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Topology and Groupoids Paperback


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Product Details

  • Paperback: 538 pages
  • Publisher: BookSurge Publishing (February 24, 2006)
  • Language: English
  • ISBN-10: 1419627228
  • ISBN-13: 978-1419627224
  • Product Dimensions: 9 x 6 x 1.1 inches
  • Shipping Weight: 1.8 pounds (View shipping rates and policies)
  • Average Customer Review: 5.0 out of 5 stars  See all reviews (2 customer reviews)
  • Amazon Best Sellers Rank: #560,937 in Books (See Top 100 in Books)

Editorial Reviews

Review

Brown's first five chapters are true topological background material,
stretching as they do from the topology of the real line to a discussion
of projective ("and other") spaces. It is only in the sixth chapter (p.
201 ff.) that we get to the all-important fundamental groupoid, but
thereafter things get off the ground very swiftly: homotopy theory,
cofibrations, computing fundamental groupoids (Van Kampen, the Jordan
Curve Theorem revisited), covering spaces, orbit spaces, and, indeed,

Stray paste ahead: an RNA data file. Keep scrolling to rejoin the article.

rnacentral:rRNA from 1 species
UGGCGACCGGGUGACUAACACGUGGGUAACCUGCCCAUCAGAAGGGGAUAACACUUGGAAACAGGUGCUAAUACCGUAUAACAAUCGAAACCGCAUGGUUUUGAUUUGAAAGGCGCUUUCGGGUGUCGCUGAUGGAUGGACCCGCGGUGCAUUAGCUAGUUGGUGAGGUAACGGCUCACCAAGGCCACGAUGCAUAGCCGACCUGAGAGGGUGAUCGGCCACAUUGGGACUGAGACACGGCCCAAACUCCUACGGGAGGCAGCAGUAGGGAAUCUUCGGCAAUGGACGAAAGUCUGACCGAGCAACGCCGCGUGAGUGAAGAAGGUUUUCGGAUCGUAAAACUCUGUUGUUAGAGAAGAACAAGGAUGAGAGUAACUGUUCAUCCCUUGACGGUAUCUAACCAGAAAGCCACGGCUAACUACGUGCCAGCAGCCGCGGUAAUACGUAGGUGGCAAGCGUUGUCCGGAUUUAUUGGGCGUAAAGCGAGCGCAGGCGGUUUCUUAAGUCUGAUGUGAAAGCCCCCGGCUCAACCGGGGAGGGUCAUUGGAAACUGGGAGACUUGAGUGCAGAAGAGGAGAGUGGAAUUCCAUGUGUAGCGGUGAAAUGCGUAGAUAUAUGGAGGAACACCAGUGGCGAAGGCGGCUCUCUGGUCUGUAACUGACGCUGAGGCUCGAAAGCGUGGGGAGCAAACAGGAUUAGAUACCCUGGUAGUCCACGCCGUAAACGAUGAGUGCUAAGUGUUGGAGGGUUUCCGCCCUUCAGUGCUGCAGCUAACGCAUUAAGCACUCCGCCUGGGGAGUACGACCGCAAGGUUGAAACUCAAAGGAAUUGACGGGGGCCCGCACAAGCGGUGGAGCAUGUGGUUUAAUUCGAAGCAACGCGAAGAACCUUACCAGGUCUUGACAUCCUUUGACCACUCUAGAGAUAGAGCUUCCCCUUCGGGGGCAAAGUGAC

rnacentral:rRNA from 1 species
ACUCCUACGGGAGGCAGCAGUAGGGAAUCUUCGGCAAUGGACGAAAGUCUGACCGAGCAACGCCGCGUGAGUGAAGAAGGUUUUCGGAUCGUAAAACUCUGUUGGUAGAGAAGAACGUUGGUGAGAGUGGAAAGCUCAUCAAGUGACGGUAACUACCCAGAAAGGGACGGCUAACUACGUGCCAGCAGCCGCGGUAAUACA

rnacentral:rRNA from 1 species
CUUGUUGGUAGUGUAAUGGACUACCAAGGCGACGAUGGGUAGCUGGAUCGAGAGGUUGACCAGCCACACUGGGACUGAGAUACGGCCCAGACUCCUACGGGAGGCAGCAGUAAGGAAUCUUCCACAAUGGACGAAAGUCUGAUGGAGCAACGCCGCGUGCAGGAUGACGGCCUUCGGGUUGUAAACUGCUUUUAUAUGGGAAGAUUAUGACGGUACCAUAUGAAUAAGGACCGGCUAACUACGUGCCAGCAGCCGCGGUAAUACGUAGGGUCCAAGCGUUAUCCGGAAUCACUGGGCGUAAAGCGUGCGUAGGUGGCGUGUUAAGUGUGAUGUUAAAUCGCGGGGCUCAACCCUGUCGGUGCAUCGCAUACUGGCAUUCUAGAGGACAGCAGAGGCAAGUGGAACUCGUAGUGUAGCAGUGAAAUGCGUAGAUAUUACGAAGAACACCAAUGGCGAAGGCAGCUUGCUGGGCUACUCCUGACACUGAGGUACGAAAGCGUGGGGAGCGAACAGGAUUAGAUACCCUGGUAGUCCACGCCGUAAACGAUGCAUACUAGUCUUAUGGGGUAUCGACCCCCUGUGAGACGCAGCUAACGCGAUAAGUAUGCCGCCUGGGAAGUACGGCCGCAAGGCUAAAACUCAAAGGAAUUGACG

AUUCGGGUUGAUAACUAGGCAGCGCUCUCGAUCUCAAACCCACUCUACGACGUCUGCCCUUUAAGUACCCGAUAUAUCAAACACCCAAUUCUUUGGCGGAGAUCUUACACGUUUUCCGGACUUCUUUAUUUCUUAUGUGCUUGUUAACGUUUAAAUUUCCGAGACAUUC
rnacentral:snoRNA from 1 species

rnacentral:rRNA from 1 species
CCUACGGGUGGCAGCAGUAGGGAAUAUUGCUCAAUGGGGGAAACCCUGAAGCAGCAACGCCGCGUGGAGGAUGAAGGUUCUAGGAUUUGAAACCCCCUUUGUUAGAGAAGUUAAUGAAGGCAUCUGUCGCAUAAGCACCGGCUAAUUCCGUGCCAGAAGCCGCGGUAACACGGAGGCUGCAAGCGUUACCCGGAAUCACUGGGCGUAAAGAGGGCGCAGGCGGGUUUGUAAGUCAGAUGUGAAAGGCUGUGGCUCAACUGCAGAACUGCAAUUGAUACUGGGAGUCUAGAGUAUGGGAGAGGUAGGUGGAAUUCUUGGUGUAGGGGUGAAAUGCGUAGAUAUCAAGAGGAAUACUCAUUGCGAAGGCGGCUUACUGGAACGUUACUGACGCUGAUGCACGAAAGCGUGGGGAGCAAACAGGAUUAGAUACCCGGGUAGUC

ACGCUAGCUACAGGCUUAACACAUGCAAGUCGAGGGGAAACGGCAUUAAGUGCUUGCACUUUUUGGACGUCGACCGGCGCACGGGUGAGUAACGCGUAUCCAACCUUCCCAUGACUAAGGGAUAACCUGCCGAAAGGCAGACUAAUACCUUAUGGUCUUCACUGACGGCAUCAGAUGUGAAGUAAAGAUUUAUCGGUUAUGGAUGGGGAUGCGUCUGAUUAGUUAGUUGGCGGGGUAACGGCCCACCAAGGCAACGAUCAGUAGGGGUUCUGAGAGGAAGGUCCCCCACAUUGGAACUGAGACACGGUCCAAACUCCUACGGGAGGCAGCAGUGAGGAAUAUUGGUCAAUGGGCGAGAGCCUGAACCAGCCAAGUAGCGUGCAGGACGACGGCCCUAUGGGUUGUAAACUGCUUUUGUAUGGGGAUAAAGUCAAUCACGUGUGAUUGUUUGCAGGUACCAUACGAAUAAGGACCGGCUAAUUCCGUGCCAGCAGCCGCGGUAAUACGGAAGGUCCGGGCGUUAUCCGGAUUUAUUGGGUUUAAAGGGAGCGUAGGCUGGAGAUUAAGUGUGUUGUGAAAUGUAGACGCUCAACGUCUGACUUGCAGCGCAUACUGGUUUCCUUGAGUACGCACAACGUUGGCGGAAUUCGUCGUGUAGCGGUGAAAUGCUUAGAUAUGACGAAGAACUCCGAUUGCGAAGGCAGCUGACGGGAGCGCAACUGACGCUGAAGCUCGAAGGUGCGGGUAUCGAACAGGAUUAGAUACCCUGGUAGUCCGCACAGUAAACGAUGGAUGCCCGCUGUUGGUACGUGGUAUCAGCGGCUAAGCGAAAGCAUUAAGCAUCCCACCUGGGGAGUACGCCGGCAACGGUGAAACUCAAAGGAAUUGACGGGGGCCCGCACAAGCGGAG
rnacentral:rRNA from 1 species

orbit groupoids. A broad palette.
I do believe in the general efficacy of the general categorical approach
in mathematics ...., and I find Brown's philosophy both attractive and
convincing. To wit (p. xx):
"In mathematics, and in many areas, analogies are not between objects
themselves, but between the relations between these objects. We will
define many constructions by their relations to all other objects of the
same type - this is called a 'universal property' ... All this is the
essence of the 'categorical approach', ... a major unifying force in the
mathematics of the twentieth century."
Two final observations. The back cover of Topology and Groupoids
displays a Venn diagram suggesting that, to borrow another word from
Grothendieck, the yoga of groupoids should be amenable eventually to
include, or engulf, such objects as groups, group actions, bundles of
groups (!), and even sets and equivalence relations. This in itself is a
very exciting prospect, alone worth the price of admission. ....... The
book is well written, indeed it is really a monograph composed by an